Our Nashville immigration attorneys explain the ways in which deportation impacts child custody and how to protect your parental rights.
If you enter the U.S. without the proper documentation or allow immigration documents to lapse or expire, you may face the threat of deportation. This can create a lot of stress, particularly if you are a parent. Deportation proceedings can potentially impact your rights to child custody. Our Nashville immigration attorney explains more about this problem and how to protect yourself and your family.
Children of Undocumented Immigrants at Risk
According to a December 2022 Forbes report, immigrants currently represent roughly 15% of the U.S. population. Many immigrants are undocumented due to complex immigration policies and procedures and situations in which a visa, green card, or other immigration documents are unavailable or eventually lapse or expire.
This can take a heavy toll in terms of stress, uncertainty, and the ability to provide for yourself and your family. It is particularly troubling when there are children involved. According to the American Psychological Association (APA), 5.5 million children live with at least one undocumented parent. Among the risks these children face include the following:
- Economic instability;
- Lack of medical care;
- Lack of educational opportunities;
- Immigration raids in their communities;
- The sudden disappearance of their parents;
- Being forcibly taken and separated from their families;
- Loss of parental custody, which could result in being placed in foster care or group detention centers.
Protecting the Rights of Undocumented Parents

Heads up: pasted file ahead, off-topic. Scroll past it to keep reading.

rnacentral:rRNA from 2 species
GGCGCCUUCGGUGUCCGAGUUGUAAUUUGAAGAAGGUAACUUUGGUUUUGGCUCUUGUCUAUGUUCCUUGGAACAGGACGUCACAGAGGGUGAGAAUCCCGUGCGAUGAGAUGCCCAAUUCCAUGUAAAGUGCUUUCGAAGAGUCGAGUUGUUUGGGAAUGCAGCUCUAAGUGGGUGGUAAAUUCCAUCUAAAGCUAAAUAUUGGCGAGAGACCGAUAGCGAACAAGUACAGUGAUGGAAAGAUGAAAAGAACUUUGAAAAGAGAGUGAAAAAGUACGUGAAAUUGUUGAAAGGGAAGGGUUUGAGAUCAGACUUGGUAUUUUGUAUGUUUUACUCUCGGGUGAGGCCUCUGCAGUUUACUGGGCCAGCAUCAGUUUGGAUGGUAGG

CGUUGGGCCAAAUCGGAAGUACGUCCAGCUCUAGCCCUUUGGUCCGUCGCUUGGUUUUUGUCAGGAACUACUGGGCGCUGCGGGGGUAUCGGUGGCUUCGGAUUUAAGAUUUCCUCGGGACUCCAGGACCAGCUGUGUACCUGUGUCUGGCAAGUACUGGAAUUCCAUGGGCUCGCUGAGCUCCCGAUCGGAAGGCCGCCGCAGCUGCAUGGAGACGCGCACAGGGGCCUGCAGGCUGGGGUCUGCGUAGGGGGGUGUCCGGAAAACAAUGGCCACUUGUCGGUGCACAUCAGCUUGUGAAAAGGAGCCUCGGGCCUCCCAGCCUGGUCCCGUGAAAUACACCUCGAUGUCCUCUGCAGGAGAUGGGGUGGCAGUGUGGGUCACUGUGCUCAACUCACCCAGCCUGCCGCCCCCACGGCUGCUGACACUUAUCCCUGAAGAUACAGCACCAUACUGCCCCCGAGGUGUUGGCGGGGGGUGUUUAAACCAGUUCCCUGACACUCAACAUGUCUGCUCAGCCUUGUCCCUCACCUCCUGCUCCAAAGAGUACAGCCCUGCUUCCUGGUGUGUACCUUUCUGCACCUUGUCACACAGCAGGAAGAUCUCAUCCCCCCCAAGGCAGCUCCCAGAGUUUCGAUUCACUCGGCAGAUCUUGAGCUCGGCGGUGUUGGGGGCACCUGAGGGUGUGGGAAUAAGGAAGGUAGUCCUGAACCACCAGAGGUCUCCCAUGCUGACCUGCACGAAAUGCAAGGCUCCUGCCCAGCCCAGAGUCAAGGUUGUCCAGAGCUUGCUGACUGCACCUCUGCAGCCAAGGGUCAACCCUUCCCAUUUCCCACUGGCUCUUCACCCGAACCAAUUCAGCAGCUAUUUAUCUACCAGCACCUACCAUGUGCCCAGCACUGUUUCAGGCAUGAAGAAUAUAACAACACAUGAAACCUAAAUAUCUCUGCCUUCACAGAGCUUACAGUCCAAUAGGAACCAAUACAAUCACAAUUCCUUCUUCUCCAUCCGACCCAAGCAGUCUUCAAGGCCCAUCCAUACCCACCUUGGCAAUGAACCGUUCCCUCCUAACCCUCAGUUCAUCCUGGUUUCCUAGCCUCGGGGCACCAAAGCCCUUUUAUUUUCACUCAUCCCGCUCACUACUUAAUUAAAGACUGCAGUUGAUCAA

Undocumented parents who eventually are deported may in some cases face the loss of child custody and the potential termination of their parenting rights. But the right to parent is a fundamental constitutional right in the United States, and there may be options to preserve parental rights if a person is deported while leaving their child behind in the United States. If you are currently living in the U.S. and do not have a visa or permanent residency card, it is important to be aware of your options and how to protect yourself and your child in this situation. These include:
- Exploring options that allow you to change your undocumented status, such as obtaining a visa based on employment, family, or humanitarian grounds, such as being a victim of a crime;
- Taking action to renew any visas you hold before expiration;
- Obtaining a permanent residency card based on your relationship with your spouse, your U.S.-born child, or other family members;
- Obtaining Special Immigrant Juvenile Status for your child through the S. Citizenship and Immigration Services (USCIS), which can protect them from deportation;
- Making sure you continue to support your children if they are staying in the United States;
- Making provisions for children to stay with other family members in the event you are detained, which can prevent them from going into foster care or a group detention center.
Contact Our Nashville Immigration Attorneys Today
As a parent, protecting your children is a top priority. This can pose serious challenges if you are an undocumented immigrant or otherwise have problems with your immigration status. To protect your children and your parental rights in this situation, it is important to reach out to Ozment Law, PLC, right away. We frequently work closely with attorneys working in the field of family law in order to maximize our immigrant clients’ rights. Call or contact our Nashville immigration attorneys online and request a confidential consultation today.